Skipping For Calf Strength

If you can master the technique, skipping is possibly the best drill for developing calf strength for running. It teaches you to use the elastic energy in the calf muscles to keep you in the air, rather than using quad strength to jump up and down. But like anything else in training, your technique is really important.

With good technique, skipping generates eccentric loading in the Achilles and therefore a build up of elastic energy that can be used as a spring to bounce back into the air. I say bounce, because jumping is a huge waist of energy compared to bouncing. Think of it like this: If you took a basket ball, knelt down on the floor and threw the ball up into the air over and over, catching it every time it fell back down, you would use a great deal more effort than if you simply stood up and bounced it off the floor. The ball would travel equally far but its energy gets converted into the bounce, and you only need put in a small force from your finger tips to keep it going because you’re using Potential and Kinetic energy together. The same concept applies to running, the more bounce we can generate, the more force can be applied and the more energy we convert to motion.

So how do we skip effectively? Ideally you need a fast rope like the wire one I’m using in the video. If the rope is too slow you will lose your bounce energy and not get the training adaptations you should be after. It’s like catching the ball and throwing it back into the air. The rope should form a large loop between each hand, which just touches the floor when the hands are held just away from the sides at pelvis height. If the rope is too long it will hit the floor and bounce up, striking your feet. Too short and it will catch your feet on the way through. The right length rope will allow you to bounce 3-5cm up, just enough to miss it. Lastly, spin the rope with your wrists NOT your arms. Spinning with the arms makes the rope track too far back and forth, whilst using only the wrists keeps the rope spinning in the same place. Now for the technique: Let’s begin with the two foot jump. Most importantly you need to keep your body as straight as you can from head to toe so there is no loss of force through weak joint positions. Now simply jump up and down keeping as stiff as you can, only bending slightly at the knees and ankles. The stiffer you can hold the body the more you will generate bounce from your ankles and the faster you can spin the rope.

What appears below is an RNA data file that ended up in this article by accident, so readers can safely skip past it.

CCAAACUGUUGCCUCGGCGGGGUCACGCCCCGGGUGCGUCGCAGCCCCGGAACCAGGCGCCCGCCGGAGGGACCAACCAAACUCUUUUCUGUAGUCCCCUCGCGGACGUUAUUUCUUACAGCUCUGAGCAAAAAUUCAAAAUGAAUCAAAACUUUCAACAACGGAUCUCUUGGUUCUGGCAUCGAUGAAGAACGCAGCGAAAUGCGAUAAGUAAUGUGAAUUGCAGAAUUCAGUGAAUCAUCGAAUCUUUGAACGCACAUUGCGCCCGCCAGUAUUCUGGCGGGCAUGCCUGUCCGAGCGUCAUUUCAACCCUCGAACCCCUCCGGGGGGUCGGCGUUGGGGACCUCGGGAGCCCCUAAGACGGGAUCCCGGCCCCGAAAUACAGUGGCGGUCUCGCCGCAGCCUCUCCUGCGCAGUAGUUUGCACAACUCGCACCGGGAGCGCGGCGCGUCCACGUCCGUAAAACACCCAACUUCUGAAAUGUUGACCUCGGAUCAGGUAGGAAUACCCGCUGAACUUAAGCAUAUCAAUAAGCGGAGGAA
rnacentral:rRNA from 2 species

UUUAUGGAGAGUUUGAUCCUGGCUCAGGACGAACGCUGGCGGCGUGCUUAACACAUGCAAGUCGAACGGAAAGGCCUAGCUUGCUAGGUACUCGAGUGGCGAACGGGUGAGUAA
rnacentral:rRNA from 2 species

The next step is to skip from one foot to the other. When doing so, dorsiflex your ankle whenever your foot is off the floor. This generates stretch in the calf, which in turn loads the muscle ready to receive your weight. It is this dorsiflexion which will help train resistance to Achilles Tendinitis by not losing the stored energy. Again the body remains quite stiff with all the bounce coming from the ankles and knees through very small ranges of movement. For an added extra you can throw in some knee raise drills, one foot hopping or anything else you like to make your skipping more fun and creative.

If you are thinking of learning to forefoot run, skipping will give you the resilience needed in the lower leg tissues to avoid overload injuries. Running requires this bounce like action to apply the force you create through your stride into motion. If you don’t bounce you absorb this energy through your muscles and joints causing them to become overloaded. This repetitive overload will then lead to tissue injury. So practice this bouncing technique as much as possible to develop the strength needed to run. If you can’t coordinate the skipping rope to start with then repeat the exercise without it. But it won’t be half as fun to do!